From Susan Sontag: The Complete Rolling Stone Interview (public library) — her superb 1978 conversation with Jonathan Cott that was among the best books of 2013 and also gave us Sontag on the false divide between “high” and pop culture, how our cultural polarities imprison us, and love, sex, and the world between — comes Sontag’s characteristically insightful meditation on the inherent intelligence and ingenuity of language in helping us navigate the world and orient ourselves not only in relation to it but in relation to ourselves as well. She tells Cott:

What’s so wonderful about language is that we have these positive and negative words for the same thing. That’s why language is an infinite treasure. When we say in the middle, we think of someone who wants to remain equidistant from certain alternatives because he or she is afraid to take sides. But being in the center — isn’t that interesting? The whole thing changes.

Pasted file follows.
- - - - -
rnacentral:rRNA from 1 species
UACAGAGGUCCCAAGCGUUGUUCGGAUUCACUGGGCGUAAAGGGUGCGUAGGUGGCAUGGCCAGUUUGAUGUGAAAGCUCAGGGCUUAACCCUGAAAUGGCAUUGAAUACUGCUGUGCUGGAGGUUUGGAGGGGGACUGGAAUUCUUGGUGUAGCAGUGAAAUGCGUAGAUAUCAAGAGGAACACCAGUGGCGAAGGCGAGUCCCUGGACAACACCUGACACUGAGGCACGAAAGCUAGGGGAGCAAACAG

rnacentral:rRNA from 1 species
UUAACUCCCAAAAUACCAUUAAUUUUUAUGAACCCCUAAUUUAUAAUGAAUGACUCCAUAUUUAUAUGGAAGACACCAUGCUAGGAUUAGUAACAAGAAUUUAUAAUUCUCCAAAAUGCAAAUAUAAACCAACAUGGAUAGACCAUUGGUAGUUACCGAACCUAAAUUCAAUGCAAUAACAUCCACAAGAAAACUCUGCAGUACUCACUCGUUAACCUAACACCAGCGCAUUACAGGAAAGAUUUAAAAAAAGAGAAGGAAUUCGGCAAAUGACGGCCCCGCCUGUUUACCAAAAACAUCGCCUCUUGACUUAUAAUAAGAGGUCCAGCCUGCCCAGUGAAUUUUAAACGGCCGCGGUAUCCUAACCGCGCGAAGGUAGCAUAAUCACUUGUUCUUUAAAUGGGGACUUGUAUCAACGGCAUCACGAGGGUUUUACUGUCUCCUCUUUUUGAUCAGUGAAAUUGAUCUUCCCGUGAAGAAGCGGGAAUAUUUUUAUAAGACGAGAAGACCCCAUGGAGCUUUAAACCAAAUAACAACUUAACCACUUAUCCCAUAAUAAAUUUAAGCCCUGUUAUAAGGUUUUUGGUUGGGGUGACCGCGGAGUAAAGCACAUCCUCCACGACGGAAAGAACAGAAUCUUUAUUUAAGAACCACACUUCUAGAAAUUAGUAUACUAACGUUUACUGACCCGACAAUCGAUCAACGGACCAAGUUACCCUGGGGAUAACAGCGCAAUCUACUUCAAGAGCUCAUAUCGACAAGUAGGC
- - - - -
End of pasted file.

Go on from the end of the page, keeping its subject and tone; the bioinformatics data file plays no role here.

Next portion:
[…]

One can think of it in the time sense. But “being in the center” is opposed to being marginal, and you don’t want to be in the margin of your own consciousness, or your own experience, or your own time. John Calvin, of all people, said, “The world is sloped on either side, therefore place yourself in the middle of it.” Meaning that you can fall off. We all know in our own lives that people are falling off the world all the time — they get onto that slope and then they start to slide. And that’s another sense of being in the middle. But to be on level ground is what you want to do because life is very complicated and you don’t want to just be hanging on by your bitten-down fingernails on one end of things, which is what happens to a lot of people because they can’t see anymore. And from where they’re hanging, it’s just a struggle not to fall off completely.